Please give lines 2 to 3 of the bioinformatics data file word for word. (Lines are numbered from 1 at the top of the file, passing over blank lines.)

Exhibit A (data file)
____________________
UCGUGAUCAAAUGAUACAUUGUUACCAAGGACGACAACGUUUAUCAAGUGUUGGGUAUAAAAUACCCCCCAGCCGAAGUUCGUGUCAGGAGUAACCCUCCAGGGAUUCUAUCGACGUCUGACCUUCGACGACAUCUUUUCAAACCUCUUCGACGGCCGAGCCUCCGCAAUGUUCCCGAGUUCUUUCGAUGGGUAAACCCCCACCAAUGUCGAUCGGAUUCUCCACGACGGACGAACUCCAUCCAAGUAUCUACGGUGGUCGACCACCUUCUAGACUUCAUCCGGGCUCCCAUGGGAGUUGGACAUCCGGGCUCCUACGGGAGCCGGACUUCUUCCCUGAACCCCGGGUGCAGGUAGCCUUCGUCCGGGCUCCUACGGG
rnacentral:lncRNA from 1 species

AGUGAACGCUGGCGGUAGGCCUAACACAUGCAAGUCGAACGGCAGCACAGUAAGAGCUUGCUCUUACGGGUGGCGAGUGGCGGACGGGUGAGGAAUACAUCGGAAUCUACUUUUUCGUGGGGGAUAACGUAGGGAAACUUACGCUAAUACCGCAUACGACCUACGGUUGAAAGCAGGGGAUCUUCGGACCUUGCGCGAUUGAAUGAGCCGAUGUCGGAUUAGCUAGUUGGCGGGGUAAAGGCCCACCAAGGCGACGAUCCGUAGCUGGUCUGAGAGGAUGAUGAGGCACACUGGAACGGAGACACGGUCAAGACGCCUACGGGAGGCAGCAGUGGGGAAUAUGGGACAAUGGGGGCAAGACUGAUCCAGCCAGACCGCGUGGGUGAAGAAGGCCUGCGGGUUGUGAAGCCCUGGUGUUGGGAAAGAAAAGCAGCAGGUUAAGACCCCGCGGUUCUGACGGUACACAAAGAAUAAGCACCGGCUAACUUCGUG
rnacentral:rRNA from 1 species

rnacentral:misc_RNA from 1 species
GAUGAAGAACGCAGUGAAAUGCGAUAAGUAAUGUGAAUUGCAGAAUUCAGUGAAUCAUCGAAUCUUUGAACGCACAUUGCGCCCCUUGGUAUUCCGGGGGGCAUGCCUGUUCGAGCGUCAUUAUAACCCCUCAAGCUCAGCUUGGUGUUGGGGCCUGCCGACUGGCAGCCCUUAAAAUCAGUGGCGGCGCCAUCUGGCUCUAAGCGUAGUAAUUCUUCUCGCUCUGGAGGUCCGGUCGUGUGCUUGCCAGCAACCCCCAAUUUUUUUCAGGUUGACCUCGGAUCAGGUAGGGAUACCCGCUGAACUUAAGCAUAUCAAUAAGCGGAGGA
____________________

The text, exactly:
rnacentral:lncRNA from 1 species

AGUGAACGCUGGCGGUAGGCCUAACACAUGCAAGUCGAACGGCAGCACAGUAAGAGCUUGCUCUUACGGGUGGCGAGUGGCGGACGGGUGAGGAAUACAUCGGAAUCUACUUUUUCGUGGGGGAUAACGUAGGGAAACUUACGCUAAUACCGCAUACGACCUACGGUUGAAAGCAGGGGAUCUUCGGACCUUGCGCGAUUGAAUGAGCCGAUGUCGGAUUAGCUAGUUGGCGGGGUAAAGGCCCACCAAGGCGACGAUCCGUAGCUGGUCUGAGAGGAUGAUGAGGCACACUGGAACGGAGACACGGUCAAGACGCCUACGGGAGGCAGCAGUGGGGAAUAUGGGACAAUGGGGGCAAGACUGAUCCAGCCAGACCGCGUGGGUGAAGAAGGCCUGCGGGUUGUGAAGCCCUGGUGUUGGGAAAGAAAAGCAGCAGGUUAAGACCCCGCGGUUCUGACGGUACACAAAGAAUAAGCACCGGCUAACUUCGUG